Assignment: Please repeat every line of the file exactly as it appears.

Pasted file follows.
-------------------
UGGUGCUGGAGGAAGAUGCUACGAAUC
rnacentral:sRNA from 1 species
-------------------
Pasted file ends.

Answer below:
UGGUGCUGGAGGAAGAUGCUACGAAUC
rnacentral:sRNA from 1 species